Artificial Rigour – Searching for a Field Guide

booksRigour is a popular term in learning and training environments.  It gets trotted out a lot in marketing materials as well.  But the problem is that a lot of what get posited as “rigourous” is actually not.  In an elementary school textbook, a work place learning module, or a keynote presentation, you’ll find things that look like rigour, but that doesn’t guarantee that they are.

Someone who really knows a topic will spot false rigour in an instant – much as adults may chuckle indudgently (or cringe) at adolescents who attempt to pose as being much older. So, maybe the first question is ‘how do I spot an expert?’, because they are the quickest, easiest path to spotting false rigour. A real expert is often easily identified  by their ability to accurately reduce a complex concept into layman’s terms without losing the fundamental meaning.  Of course it might take a real expert to recognize that  was done properly – so that’s getting you into a worthless ‘infinite loop.’

Leaving us with a conundrum of the first order: it is very difficult to accurately call out artificial rigour without sufficient expertise. So, what’s a non-expert to do?

My first instinct was to look at the problem from the perspective fields like math and science (simply due to my own background).

In classroom texts it is not uncommon to find a sort of artificial rigor that was created to meet a list of criteria, as opposed to lessons rooted in true fundamental understanding and applicability.  The focus is not on a meaningful “why”, a reason we want students to learn something; it is rooted in lists and box-checking, which are themselves rooted in standards that have as much basis in perception and political agendas as they do in actual learning.

Box-checking driven learning has a high probability of being guilty of false rigour.    So that’s one warning signal, easily found, but it’s only a starting point.

What else comes into play?

We may not be experts on a given topic, but we can take what we know about expertise and use it as a guide.

A while back I wrote:

chalkboard equation“If I’m really, really good at, let’s say, math, then I may not have to stop and think about quadratic equations because I intuitively grasp them; but if asked, I clearly explain (in simple terms) why they have the solutions they have. If I am merely good at arithmetic, I can show you how to solve the equations (just by plugging numbers into the formulas) which might look like expertise to a novice, but is really just mechanics; in that case I know it works but don’t fully grasp why or how.  A lot of false rigour works the same way.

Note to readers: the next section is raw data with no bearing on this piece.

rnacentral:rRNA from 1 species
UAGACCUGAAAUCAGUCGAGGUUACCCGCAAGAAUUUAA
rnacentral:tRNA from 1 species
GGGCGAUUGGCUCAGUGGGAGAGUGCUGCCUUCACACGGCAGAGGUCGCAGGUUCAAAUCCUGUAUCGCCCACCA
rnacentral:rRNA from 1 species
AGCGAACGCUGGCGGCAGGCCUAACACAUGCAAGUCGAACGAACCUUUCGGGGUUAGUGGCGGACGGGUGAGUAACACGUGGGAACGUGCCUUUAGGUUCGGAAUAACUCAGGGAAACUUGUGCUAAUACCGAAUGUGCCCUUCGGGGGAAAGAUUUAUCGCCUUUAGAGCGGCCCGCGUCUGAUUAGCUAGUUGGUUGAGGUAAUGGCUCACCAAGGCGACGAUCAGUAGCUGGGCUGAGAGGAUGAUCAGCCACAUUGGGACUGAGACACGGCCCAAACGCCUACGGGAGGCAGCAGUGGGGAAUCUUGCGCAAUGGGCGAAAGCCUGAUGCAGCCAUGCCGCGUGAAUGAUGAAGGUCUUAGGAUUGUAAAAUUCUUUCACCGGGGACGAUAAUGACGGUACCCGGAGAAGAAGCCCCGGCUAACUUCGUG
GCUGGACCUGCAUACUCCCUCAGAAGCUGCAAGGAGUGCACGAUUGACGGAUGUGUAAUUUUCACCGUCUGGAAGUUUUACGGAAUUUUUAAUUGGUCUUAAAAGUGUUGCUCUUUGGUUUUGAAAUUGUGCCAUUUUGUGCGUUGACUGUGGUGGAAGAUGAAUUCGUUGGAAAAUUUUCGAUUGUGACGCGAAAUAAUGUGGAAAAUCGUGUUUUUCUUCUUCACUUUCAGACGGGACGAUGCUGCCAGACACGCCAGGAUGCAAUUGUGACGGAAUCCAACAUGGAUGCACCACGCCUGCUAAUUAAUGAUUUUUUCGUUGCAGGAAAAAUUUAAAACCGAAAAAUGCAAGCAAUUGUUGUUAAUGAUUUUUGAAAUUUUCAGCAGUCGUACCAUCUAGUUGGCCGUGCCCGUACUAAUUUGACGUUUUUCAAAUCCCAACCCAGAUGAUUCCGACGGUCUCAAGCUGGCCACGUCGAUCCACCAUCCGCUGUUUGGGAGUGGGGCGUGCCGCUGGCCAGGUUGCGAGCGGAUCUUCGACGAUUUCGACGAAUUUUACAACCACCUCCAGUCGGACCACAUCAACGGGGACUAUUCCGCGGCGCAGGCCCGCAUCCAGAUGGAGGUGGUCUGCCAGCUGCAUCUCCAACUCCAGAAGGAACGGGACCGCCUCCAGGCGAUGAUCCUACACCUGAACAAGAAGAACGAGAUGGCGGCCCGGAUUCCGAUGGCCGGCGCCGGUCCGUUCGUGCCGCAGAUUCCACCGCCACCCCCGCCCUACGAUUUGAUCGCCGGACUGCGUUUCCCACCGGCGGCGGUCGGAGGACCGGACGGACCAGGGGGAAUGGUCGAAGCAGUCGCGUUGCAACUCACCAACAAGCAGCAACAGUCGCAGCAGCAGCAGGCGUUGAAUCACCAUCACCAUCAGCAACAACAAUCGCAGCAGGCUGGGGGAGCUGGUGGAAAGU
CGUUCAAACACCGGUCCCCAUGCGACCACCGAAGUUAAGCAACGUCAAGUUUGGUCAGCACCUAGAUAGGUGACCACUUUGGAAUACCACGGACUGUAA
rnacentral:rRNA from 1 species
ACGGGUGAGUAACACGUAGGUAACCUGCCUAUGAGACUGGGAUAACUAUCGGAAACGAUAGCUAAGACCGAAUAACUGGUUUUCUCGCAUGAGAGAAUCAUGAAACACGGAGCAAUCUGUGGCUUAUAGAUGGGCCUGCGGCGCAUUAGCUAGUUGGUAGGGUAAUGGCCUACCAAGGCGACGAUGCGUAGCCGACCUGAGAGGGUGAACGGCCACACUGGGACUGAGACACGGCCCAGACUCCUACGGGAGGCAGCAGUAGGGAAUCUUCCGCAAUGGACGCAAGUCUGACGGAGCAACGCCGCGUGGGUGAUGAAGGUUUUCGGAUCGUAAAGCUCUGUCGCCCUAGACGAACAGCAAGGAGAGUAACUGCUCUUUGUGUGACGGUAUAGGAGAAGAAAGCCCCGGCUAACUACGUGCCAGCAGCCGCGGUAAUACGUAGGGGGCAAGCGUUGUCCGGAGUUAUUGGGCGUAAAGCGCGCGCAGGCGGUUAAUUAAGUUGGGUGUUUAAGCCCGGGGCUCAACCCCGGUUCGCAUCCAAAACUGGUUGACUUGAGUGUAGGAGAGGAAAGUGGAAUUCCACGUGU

Simon Bostock countered these thoughts with the insight that being able to break concepts down into their component parts may (will) not work for all domains:

“I’m not sure true experts can always unpick and unpick. I think it depends, rather, on the domain.

Maths and physics are inherently unpickable, and the reputation of Feynman as a teacher, therefore, shines. Science depends on the principles of proof and peer-review so being a teacher (ie explaining stuff and testing that it’s been understood) is essentially the same as science. [Warning: massive over-simplification!!!]

But things like medicine, art and computer programming just have to work. We don’t necessarily care how the surgeon genius or the does-the-work-of-a-hundred programmer work. And we certainly don’t trouble them to explain themselves. In many cases, they probably couldn’t because it’s doubtful they’re aware of how they do it themselves – my feeling is that they’re drawing from as-yet-unnamed disciplines, and you can’t unpick things you can’t name” And he’s absolutely right about this…

Different fields having differing degrees of inherent “unpickability”. I can see in the case of, say, a violinist – they can ‘unpick’ the details of technique and tone production, but as far as (for lack of a better word) artistry – well that’s a personal thing, that’s not so readily broken down.  But then again, in that case, I would put the expectations of instructional rigor on the technical aspects, and not assign it to the area of personal expression or artistry.   But we still do need to look at what constitutes rigour (or at least expertise) in topics that are not inherently disectable.